Kelly Dixon, assistant director for the Maricopa County Election Department’s recruitment and training division, who admitted she knew there were “issues and concerns” with voters marking ballots with Sharpies, donated to Senator Mark Kelly (D-AZ). She earmarked a $100 contribution to him through a donation she gave to the Democratic campaign fundraising organization ActBlue, Headline USA reported on Monday.
Maricopa County voters complained about poll workers handing them Sharpies on election day that bled through the ballots. Dixon knew ahead of election day that using sharpies to mark a ballot was an issue. In an email dated October 22, she wrote “Starting tomorrow, 10/23, and through 11/2, we are asking the Clerks hand voters BALLPOINT PENS rather than markers.” However, she then said “We NEED to use markers on Election Day.” She did not explain why. Republicans voted on election day in huge numbers last year, driven by fears of voter fraud. A Gallup survey found that 62% of Democrats said they would vote early last fall, compared to only 28% of Republicans.
During the Arizona Senate hearing on the election audit in Maricopa County Thursday morning, audit officials reported discovery of issues such as ballot duplicates and surpluses, voter roll data, and machine security. The audit officials testifying were Senate Liaison Ken Bennett, Cyber Ninjas CEO Doug Logan, and digital security firm CyFIR founder Ben Cotton. Cyber Ninjas is conducting the audit.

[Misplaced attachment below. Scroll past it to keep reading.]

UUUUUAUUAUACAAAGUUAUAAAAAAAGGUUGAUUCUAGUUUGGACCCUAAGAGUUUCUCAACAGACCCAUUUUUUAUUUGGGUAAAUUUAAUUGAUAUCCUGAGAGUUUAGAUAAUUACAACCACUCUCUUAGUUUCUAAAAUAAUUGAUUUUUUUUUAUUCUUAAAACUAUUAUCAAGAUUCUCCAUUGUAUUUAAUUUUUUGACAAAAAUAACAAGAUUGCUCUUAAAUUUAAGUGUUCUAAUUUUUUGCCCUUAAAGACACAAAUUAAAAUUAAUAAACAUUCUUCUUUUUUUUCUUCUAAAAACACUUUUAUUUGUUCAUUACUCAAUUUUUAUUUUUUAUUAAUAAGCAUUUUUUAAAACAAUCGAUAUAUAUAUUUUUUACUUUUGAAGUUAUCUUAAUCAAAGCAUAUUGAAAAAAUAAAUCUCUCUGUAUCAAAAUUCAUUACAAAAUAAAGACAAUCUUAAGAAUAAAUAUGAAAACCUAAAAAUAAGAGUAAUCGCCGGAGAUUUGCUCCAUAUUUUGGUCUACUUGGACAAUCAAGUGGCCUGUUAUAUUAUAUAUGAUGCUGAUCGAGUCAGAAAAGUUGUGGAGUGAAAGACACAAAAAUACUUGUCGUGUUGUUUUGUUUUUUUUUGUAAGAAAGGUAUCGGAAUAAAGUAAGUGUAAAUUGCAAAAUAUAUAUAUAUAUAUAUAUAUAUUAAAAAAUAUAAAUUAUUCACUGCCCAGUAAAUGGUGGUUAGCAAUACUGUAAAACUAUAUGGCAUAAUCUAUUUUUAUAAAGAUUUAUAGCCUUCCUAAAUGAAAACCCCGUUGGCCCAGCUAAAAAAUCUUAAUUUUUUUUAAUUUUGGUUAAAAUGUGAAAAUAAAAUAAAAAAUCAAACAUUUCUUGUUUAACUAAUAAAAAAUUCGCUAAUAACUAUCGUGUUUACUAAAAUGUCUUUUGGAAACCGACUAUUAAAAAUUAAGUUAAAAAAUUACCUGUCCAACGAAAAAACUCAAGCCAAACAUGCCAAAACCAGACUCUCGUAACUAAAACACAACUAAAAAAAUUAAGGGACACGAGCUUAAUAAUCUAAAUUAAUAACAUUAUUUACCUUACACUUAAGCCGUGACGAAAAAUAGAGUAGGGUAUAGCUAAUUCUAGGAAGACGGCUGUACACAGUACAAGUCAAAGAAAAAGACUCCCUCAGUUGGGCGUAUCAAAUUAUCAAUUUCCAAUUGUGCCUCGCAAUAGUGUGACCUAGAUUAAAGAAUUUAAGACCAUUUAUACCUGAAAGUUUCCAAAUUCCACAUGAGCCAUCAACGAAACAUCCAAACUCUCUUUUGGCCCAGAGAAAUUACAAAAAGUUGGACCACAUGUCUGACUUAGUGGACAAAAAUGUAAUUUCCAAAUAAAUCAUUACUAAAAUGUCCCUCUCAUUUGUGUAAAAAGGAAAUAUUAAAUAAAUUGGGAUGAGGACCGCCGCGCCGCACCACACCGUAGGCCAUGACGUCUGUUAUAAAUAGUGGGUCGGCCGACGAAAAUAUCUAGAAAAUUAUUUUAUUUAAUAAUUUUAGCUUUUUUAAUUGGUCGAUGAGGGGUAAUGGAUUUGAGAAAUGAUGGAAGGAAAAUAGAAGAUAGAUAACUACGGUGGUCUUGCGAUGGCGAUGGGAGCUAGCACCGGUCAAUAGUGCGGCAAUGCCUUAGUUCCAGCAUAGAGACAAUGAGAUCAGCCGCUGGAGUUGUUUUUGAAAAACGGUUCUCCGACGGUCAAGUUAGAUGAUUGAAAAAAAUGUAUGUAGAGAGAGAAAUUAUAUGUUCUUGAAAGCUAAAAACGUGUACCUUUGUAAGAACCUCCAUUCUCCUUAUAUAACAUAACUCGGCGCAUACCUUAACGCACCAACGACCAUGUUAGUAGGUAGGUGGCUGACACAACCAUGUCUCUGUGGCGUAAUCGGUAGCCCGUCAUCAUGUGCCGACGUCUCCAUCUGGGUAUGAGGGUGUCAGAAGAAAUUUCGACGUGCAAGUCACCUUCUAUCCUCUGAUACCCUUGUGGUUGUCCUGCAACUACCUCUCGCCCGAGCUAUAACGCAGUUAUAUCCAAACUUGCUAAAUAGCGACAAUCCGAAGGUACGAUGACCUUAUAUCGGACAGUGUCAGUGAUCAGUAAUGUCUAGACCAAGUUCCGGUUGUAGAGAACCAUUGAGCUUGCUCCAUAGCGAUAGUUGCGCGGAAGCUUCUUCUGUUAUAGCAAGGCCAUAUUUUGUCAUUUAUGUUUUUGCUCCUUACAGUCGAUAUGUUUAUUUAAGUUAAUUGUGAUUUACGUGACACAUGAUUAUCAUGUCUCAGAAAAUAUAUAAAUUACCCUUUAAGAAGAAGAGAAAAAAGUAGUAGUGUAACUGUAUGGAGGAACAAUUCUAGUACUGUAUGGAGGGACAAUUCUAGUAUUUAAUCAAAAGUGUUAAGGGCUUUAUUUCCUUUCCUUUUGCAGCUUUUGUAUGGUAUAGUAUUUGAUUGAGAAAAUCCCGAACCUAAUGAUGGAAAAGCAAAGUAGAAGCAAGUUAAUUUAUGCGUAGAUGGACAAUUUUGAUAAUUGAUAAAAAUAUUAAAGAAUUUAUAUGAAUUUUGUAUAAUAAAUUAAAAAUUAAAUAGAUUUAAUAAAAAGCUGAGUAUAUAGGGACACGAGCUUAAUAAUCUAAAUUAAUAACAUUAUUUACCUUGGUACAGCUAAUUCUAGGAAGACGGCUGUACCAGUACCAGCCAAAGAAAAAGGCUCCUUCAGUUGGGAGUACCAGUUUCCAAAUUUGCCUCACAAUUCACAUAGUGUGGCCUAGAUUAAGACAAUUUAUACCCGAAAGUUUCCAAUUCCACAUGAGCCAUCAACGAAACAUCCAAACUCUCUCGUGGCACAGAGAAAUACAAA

The Arizona Sun Times checked the Arizona legislature website at 8 am MST. The website was down. All that was displayed was an error message that said service was unavailable. The website remained that way until sometime after the Senate hearing began.
The audit of Maricopa County ballots cast in the 2020 election ordered by the Arizona Legislature finished last month, and State Senate President Karen Fann (R-Prescott) said Tuesday the ballot totals don’t match the county’s official results. She told KTAR News 92.3 FM’s The Mike Broomhead Show, “They haven’t released a number yet, if you will, however we do know that those numbers do not match with Maricopa County at this point.”
When asked about the degree of the discrepancy in the audit versus the official county tallies, Fann said, “I do not know. They have not told me the number;” adding that the auditors are “finishing up.”